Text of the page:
Reflection helps students to organize, communicate their thoughts, and understand if they understand a topic.
According to a study conducted by Harvard University, giving students time to reflect on their knowledge really matters and is an essential practice for their formation. By allowing them to reflect, instead of jumping from lesson to lesson, students can recognize their strengths and weaknesses.
Jamie Back, a math teacher at Cincinnati Country Day School, says she asks students to reflect at the beginning of the year to know what they are looking forward about the class, their fears, how they overcome mistakes in math and how they feel when solving a math problem.
Moreover, she makes students reflect during a lesson because by “asking students to reflect on one class or one idea forces them to make time to determine if they understand before it is too late to seek help.” Additionally, it helps them organize and communicate their thoughts and realize if they truly understand a topic.
The teacher also recommends different tools to help students reflect on their knowledge:
GrokSpot: a collaborative discussion tool that blends reflection with mindset messages. It allows teachers and students to communicate and reflect their thoughts through emojis.
Microsoft OneNote: it can be used as a digital notebook to keep notes and reflections. It also has Class Notebook, a place where teachers can respond to questions by inserting a text, picture, video, or writing/drawing using a Smartpen.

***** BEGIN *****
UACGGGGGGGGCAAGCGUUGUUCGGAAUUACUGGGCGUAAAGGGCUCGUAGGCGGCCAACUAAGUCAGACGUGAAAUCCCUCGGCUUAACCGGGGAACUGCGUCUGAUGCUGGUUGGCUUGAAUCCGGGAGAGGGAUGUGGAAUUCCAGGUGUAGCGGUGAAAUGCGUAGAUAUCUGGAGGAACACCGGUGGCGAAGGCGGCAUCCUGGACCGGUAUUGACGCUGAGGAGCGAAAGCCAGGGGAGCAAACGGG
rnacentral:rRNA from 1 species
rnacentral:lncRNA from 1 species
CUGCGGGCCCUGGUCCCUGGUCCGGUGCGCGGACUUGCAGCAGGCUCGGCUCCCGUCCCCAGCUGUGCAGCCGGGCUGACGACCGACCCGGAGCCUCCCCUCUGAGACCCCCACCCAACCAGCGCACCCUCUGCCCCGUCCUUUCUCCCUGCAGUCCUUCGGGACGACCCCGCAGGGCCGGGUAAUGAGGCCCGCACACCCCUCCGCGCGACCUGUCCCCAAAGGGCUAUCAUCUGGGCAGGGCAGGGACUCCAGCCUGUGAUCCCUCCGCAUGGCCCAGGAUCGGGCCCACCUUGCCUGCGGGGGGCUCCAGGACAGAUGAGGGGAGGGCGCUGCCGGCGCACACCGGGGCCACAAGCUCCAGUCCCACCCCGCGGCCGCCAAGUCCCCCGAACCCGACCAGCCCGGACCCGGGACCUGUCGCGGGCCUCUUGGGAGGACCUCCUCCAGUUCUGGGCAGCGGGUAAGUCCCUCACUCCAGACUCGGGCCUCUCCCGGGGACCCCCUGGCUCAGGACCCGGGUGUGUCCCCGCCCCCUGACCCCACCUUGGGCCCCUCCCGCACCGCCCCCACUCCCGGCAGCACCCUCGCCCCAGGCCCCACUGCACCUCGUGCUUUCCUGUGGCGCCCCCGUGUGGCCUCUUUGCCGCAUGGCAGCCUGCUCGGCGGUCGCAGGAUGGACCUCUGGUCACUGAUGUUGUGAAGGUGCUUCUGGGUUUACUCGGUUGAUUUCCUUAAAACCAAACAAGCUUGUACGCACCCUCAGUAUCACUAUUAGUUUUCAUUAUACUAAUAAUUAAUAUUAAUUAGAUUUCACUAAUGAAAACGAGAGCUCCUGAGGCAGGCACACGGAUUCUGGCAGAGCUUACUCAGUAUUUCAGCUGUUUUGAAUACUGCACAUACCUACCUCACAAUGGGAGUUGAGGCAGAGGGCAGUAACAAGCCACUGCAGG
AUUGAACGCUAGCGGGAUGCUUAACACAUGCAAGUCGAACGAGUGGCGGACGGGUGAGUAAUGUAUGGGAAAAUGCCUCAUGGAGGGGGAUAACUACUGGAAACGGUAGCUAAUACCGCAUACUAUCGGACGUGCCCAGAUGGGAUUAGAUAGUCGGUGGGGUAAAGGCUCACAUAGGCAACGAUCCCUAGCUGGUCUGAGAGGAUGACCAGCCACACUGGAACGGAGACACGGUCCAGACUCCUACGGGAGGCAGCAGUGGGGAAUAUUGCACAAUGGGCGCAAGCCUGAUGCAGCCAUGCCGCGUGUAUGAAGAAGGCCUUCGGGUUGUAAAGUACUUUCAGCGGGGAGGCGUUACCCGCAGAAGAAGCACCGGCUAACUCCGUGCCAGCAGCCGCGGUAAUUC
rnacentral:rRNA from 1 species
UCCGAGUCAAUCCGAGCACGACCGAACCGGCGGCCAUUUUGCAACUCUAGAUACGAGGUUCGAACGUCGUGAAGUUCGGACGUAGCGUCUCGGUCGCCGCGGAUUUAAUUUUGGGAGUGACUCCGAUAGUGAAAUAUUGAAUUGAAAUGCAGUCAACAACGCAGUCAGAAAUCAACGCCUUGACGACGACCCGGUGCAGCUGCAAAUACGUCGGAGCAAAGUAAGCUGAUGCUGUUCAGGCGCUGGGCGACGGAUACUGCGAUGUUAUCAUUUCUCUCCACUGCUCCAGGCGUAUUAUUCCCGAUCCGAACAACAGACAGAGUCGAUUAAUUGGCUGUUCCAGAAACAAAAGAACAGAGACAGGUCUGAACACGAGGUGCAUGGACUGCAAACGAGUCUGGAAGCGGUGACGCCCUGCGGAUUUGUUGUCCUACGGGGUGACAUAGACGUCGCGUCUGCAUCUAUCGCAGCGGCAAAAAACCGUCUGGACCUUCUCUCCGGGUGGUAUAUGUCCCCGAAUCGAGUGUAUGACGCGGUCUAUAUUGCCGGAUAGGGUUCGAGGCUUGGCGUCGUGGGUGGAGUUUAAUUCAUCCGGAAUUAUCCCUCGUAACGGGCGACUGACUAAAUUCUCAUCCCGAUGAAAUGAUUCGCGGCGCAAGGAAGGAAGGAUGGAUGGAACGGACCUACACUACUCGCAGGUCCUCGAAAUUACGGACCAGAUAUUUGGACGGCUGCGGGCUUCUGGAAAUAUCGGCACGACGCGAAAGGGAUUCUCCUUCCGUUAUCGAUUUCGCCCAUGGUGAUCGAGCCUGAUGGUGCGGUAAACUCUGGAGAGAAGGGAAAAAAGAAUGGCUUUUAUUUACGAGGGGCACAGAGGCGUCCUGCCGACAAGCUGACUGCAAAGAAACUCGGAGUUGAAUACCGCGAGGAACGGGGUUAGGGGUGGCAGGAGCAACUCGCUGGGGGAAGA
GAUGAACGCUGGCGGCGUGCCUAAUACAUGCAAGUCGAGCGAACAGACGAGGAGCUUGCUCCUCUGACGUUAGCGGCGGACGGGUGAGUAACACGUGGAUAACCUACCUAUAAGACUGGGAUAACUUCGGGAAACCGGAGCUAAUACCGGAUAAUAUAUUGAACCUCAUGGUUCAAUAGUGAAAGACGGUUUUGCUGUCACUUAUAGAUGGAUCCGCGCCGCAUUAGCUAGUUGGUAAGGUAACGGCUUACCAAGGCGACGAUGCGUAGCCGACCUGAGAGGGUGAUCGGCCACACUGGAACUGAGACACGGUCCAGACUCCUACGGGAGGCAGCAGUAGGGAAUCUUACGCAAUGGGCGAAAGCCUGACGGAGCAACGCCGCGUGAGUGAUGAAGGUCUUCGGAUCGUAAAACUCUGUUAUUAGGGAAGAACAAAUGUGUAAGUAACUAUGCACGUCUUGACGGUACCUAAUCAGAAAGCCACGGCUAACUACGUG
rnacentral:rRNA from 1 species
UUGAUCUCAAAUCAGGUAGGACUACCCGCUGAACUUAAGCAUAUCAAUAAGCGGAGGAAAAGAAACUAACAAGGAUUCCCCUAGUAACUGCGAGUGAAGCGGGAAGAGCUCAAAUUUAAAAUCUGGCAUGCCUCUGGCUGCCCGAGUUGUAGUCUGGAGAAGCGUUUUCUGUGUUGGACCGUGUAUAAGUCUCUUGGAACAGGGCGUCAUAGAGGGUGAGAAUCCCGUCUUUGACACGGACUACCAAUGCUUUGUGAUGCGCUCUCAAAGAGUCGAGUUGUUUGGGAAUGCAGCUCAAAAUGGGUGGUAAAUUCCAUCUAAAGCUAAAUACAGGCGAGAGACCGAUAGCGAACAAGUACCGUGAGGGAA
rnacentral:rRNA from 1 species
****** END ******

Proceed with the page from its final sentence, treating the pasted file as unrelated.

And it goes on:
FlipGrid: a tool that allows video discussions using stickers and emojis.
Besides these tools, there are many tips teachers can follow to make students reflect on what they are learning:
Blogging: it’s a simple way to make students communicate their thoughts and get them to write.
Make videos: make students use their creativity by giving a different perspective on a topic. It can be a great way to look back at what they learn, giving them an insight into their progress.
Quote highlights: ask students to find a quote, song, brand or piece of art that represents a concept from the class so they can relate what they see in the lesson with things in “real life.” It also allows them to show more about their passion and interest.
Take breaks: teachers can’t force students to reflect; they can only make it a habit, so it comes naturally. By giving “reflection breaks” during lessons, encourages students to express their thoughts about what they’ve learned so far. After a while, they’ll learn to reflect on their own.
Students reflections can help teachers modify and plan future lessons, see what strategies are helping and which aren’t, detect when students need extra attention, and what connections they make between the teaching and what they see outside of the classroom.